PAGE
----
See the full list below.
To all who read this article on the X-Factor, I wish for you good health, good humour and good investing in the years to come.
40 years of the X-Factor files
2021 The fracturing of the long-dominant view low inflation is here to stay
2019 Strong share markets despite repeated predictions of global recession
2018 The impact from the royal commission on financial services
2017 The positive macro influences that, globally, restrained volatility, boosted shares and kept bond yields low
2016 Election of Donald Trump as US president
2015 Widespread experience of negative nominal interest rates
2014 Collapse in oil price during severe tensions in middle east
2013 Confusion on US central bank’s “taper” of bond purchases
2012 The extent of investors’ hunt for yield
2011 The government debt crises in Europe
2010 The government debt crises in Europe
2009 The resilience of our economy despite the GFC
2008 The near-meltdown in banking systems
2007 RBA raises interest rates 17 days pre-election
2006 Big changes to superannuation
2005 Modest impact on economies from high oil prices
2004 Sustained hike in oil prices
2003 Marked fall in US dollar
2002 Extent of US corporate fraud in Enron etc
2001 September 11 terrorist attacks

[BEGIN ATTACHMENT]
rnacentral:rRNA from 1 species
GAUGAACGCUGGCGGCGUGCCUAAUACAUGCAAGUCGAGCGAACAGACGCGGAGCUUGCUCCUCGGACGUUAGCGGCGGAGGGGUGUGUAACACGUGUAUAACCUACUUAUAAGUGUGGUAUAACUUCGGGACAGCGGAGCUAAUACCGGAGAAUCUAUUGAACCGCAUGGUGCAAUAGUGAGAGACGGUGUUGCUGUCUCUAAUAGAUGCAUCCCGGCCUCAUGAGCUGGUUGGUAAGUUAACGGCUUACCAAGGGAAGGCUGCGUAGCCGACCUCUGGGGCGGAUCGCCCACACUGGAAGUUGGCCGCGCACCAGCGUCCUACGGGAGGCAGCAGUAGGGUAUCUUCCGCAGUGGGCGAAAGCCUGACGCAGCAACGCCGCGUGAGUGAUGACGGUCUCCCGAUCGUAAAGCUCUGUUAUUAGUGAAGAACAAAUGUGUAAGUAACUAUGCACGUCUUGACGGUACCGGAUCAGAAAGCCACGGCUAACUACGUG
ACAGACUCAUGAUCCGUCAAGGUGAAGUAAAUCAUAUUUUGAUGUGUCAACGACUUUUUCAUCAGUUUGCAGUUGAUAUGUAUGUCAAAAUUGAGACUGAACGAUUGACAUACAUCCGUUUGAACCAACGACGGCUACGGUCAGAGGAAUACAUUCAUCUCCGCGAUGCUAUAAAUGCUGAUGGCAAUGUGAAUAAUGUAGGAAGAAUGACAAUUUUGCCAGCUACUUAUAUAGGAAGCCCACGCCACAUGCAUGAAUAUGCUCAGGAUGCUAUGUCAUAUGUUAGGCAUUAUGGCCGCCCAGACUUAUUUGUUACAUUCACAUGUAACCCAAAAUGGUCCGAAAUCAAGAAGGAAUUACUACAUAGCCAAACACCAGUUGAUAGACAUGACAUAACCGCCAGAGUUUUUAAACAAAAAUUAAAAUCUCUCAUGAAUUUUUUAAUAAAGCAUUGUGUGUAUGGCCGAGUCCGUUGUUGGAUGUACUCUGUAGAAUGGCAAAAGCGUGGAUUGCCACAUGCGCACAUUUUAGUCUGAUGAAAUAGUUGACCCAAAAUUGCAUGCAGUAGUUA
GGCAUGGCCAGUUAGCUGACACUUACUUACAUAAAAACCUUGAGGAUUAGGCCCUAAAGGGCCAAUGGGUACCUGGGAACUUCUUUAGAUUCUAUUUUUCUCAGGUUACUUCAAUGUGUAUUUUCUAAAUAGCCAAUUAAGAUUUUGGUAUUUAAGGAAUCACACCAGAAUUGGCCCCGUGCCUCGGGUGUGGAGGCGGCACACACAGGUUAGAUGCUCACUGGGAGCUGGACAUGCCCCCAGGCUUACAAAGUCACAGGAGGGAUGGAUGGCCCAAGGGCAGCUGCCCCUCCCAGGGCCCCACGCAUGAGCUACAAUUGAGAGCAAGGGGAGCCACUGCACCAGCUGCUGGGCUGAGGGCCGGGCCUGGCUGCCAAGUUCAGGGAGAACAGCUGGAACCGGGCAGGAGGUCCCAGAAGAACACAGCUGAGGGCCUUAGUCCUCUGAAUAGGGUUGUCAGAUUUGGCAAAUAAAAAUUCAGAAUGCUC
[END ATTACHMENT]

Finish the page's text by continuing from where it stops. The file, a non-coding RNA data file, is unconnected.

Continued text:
2000 Overshooting of exchange rates
1999 Powerful cyclical recovery across Asia
1998 Resilience of our economy despite Asian crisis
1997 Asian financial crisis
1996 Global liquidity boom created in Japan
1995 Powerful rally in US markets
1994 Sharp rise in bond yields
1993 Big improvement in Australian competitiveness
1992 Souring of the vision of “Europe 1992”
1991 Sustainable collapse of inflation
1990 Iraq invasion of Kuwait
1989 Collapse of communism
1988 Boom in world economy despite Black Monday
1987 Black Monday collapse in shares
1986 “Banana Republic” comment by Paul Keating
1985 Collapse of A$ after MX missile crisis
1984 Measured inflation falls sharply
1983 Free float of Australian dollar
1982 Substantial Japanese buying of Australian bonds
First published on the Firstlinks Newsletter. A free subscription for nabtrade clients is available here.
Analysis as at 15 December 2021. This information has been provided by Firstlinks, a publication of Morningstar Australasia (ABN: 95 090 665 544, AFSL 240892), for WealthHub Securities Ltd ABN 83 089 718 249 AFSL No. 230704 (WealthHub Securities, we), a Market Participant under the ASIC Market Integrity Rules and a wholly owned subsidiary of National Australia Bank Limited ABN 12 004 044 937 AFSL 230686 (NAB). Whilst all reasonable care has been taken by WealthHub Securities in reviewing this material, this content does not represent the view or opinions of WealthHub Securities. Any statements as to past performance do not represent future performance. Any advice contained in the Information has been prepared by WealthHub Securities without taking into account your objectives, financial situation or needs. Before acting on any such advice, we recommend that you consider whether it is appropriate for your circumstances.